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20 Years Later torrent reviews
Casey C (ag) wrote: Worth the watch, was better than I expected it to be.
Facebook U (gb) wrote: This film was a real adventure of discovery. No flashy romances, no bombings, just something really close to reality. Like a walk in unknown woods. A curve here reveals a rock, a crevasse, a brook, a bear... I found the whole very pleasant, touching at times, hurtful. I was interested at what could be revealed and the pace was very pleasant. The filming was very quick relatively and reminds us the method of Clint Eastwood. All the characters were well rendered. I loved that they were all doing the best they could, where prejudices were few and understanding was their goal. The dvd extras were delightful as well. A native story well rendered that is not about cruelty, bashing or anything too despicable to hate one group or another, just the contrary.
Pablo G (it) wrote: With predictable and painfully plain characters, and with a story that doesnt really do much new in the horror genre, REC 4 doesnt really offer anything that special other than some interesting violent scenes and a movie that feels well made and well, "okay".
Bill C (de) wrote: Didn't like the ending.
Christopher T (jp) wrote: Pretty good kids movie. I enjoyed it.
Riley H (gb) wrote: Well this is hardly authoritative and it's not particularly well structured. It would have been nicer to do a 'history of fuck' or something like that. But it's entertaining/aggravating and I agree with them so I wasn't particularly unhappy about watching it. The biggest problem is that they fail to actually say why censorship (of any kind is bad): official government censorship of free speech gives our leaders the power to arbitrarily tell us what we can or can't say, which will, as a matter of course, be abused. That didn't take me so long, it would have been nice if they could have made that point themselves.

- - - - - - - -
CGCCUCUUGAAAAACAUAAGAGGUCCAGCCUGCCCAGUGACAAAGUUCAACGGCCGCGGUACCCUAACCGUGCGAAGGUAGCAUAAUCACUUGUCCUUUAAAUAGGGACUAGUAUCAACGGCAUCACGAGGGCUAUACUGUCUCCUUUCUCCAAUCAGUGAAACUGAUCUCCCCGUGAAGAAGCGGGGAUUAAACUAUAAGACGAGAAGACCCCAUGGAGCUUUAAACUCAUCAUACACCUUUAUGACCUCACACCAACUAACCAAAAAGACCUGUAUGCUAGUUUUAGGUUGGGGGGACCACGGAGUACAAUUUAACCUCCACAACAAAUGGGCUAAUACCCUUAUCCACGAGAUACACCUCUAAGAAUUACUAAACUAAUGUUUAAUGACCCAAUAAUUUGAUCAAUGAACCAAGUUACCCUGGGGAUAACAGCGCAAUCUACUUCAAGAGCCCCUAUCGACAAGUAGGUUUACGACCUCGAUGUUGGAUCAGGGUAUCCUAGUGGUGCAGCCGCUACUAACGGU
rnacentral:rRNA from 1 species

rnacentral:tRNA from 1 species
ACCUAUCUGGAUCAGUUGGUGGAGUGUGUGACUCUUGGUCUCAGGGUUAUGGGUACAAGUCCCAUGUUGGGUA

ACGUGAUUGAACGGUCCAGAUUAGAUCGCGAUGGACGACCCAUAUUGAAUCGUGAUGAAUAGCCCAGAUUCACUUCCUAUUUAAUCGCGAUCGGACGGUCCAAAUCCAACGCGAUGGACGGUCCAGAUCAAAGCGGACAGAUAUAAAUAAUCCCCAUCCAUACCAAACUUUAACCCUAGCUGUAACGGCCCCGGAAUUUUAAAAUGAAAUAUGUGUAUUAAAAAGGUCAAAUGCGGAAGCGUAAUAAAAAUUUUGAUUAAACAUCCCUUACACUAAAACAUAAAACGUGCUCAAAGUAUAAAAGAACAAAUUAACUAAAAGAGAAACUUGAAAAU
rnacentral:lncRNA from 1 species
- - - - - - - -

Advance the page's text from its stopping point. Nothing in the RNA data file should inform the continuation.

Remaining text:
Marek H (br) wrote: Doskona?y dokument.
Bloodmarsh K (jp) wrote: Unfortunately for the victims in the ''Glass Trap,'' C. Thomas Howell was fresh out of cans of rubber raid.
YaLing C (br) wrote: i almost saw Akira Kurosawa behind the camera
Trev B (br) wrote: Kelly Brook in a bikini
Tom B (fr) wrote: This came out pre-election. What does it look like post? Great. Chris Cooper delivers best-ever Bush interpretation. Dreyfus does Chaney long before "W". The story? Another genogram, this time cultural shame, where, as always, the casualty of truth leads to various deceptions and cover-ups that cause various degrees of problems. The stakes at center? In general, real estate, Sayles's target in all his films. The valuing of property over people, in this case Mexican immigrants, and anyone else seeking the truth, in this case our Marlovian protagonist Danny O'Brien, played agreeably by Danny Huston. In Sayles's films everyone is always articulate and real, and once in a while this kind of movie provides an antidote to American-style unrealism. As always, Sayles provokes the sore around the wound of politics and finds everyone lapsing in values: right, left, government, politician, investigators, lobbyists, business people. As always, the top dogs require the underdogs in order to have their feeding frenzy over the land rights, while everyone but the little guy snags a piece of the pie. In the end we get an extended sequence recapping those who were used and misused in order to make the deal go through, and it's not according to political bent that we see these people in the closing shots. We close on the same scene we opened on, Pilager (aka George Bush) speeching about protecting the land and developing it, and the fish pop up to the most ironic placing of the song "America, America" we've seen in a while. Message clear. What's great is the use of neo-noir detective genre to tell the story. Film at its best is about expressing truth, and like Marlowe, Sayles isn't about taking sides as much as he is about seeing what is, and maybe getting the girl. At least for Sayles it's about love. It's not that love conquers all, it's that at least there's love to choose as a value, a friendly companion to truth. One of many worthwhile Sayles films that do mean what they say and demonstrate a fierce commitment to the integrity of vision in the arts. And Daryl Hannah simply rocks.